Common Name

Scientific Name

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Photo by Krissy Wilson
Photo Courtesy of Utah Division of Wildlife Resources

The leatherside chub, Gila copei, is a small minnow native to streams and rivers of the southeastern portion of the Bonneville Basin. It was once common throughout its native range, but presently is listed as a state sensitive species due to substantial decreases in population levels. Leatherside chub live up to 8 years, and adults reach a maximum length of 150 mm. The body is bluish above and silvery below, and males have bright orange-red coloration on the axils of the paired fins. The skin has a leathery texture with very small scales (75-85 in the lateral line) and the anal and dorsal fins have 8 fin rays, which distinguish this species from other Utah minnows.

Conservation measures to insure the continued persistence of this small fish include regulations that prohibit collection and increased funding for research.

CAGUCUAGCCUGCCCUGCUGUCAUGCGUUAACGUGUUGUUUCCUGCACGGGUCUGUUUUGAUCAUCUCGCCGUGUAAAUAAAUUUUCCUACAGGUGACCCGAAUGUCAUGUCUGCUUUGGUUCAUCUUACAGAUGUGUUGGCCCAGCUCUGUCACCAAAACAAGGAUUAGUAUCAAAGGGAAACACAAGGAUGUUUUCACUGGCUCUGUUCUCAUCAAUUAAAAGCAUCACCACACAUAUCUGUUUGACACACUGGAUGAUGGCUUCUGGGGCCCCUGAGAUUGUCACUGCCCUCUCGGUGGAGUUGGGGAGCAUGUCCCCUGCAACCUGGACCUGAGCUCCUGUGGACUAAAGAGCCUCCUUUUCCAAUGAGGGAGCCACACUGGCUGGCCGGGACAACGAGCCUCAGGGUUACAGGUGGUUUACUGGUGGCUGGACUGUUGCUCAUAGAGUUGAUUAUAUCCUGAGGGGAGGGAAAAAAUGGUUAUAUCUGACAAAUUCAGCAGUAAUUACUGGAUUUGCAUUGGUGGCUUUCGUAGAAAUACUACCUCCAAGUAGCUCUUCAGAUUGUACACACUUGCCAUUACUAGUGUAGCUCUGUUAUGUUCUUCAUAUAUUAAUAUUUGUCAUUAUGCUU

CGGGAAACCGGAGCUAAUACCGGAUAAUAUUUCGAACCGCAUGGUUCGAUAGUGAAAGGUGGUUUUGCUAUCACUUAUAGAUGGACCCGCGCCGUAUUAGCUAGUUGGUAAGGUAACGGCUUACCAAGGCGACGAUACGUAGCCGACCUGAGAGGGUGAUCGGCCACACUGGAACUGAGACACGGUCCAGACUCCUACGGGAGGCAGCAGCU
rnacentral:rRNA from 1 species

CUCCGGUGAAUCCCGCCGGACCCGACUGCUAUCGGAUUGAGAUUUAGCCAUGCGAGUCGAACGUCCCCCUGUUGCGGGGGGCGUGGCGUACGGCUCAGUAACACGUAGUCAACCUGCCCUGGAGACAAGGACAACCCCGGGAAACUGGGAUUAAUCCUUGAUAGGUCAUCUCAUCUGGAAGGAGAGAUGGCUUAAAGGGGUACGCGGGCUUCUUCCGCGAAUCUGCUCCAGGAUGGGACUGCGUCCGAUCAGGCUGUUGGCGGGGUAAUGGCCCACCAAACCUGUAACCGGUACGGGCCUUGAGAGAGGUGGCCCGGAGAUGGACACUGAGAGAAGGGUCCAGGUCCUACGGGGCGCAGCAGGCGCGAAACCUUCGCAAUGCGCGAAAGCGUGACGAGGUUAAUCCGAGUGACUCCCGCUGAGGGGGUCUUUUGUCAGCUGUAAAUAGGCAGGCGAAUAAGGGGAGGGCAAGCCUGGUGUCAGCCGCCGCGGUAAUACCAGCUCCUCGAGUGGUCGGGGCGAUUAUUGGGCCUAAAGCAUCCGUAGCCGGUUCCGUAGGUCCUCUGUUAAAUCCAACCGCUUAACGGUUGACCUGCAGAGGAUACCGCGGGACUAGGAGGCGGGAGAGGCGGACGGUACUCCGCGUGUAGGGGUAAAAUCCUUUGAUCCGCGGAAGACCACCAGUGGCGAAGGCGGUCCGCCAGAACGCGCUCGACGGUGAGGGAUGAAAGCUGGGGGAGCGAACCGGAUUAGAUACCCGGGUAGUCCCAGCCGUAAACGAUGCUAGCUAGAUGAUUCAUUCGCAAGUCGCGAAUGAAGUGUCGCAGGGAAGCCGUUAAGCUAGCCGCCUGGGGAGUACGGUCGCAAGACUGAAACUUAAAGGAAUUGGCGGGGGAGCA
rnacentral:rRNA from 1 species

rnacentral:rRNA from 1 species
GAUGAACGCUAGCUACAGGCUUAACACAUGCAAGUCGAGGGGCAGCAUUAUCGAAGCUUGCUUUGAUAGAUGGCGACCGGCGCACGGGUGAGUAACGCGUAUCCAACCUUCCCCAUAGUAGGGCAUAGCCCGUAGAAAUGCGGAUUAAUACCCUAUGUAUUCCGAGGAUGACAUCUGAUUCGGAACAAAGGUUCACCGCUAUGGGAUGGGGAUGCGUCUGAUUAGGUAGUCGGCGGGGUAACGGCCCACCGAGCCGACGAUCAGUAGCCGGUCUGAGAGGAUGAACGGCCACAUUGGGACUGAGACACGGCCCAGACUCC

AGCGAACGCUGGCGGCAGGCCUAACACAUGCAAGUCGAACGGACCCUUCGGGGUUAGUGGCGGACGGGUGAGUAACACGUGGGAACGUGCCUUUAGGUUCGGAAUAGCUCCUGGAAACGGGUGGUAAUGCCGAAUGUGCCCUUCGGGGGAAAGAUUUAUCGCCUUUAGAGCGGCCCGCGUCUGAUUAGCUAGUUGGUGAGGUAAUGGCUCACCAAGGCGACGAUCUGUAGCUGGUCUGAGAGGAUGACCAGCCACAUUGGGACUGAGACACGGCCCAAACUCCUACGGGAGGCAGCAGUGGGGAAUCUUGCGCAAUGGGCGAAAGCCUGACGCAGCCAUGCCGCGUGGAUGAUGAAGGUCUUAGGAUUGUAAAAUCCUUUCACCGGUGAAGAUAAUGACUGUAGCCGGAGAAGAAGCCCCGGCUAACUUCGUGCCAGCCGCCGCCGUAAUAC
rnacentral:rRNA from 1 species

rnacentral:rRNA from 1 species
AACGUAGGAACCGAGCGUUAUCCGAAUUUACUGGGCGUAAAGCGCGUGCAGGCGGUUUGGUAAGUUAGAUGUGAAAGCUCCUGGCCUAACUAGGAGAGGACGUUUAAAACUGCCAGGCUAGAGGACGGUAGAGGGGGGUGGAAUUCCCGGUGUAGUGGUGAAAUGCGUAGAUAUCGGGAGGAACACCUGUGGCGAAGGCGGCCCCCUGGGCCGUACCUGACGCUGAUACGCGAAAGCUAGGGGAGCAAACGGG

Recent genetic studies suggest that what has been considered the leatherside chub may actually be two distinct species, the northern leatherside chub, Lepidomeda copei, and the southern leatherside chub, Lepidomeda aliciae.


  • Biotics Database. 2005. Utah Division of Wildlife Resources, NatureServe, and the network of Natural Heritage Programs and Conservation Data Centers.

  • Sigler, W. F. and J. W. Sigler. 1996. Fishes of Utah[:] a natural history. University of Utah Press. Salt Lake City. 375 pp.

  • Johnson, J. B., T. E. Dowling, and M. C. Belk. 2004. Neglected taxonomy of rare desert fishes: congruent evidence for two species of leatherside chub. Systematic Biology 53:841-855.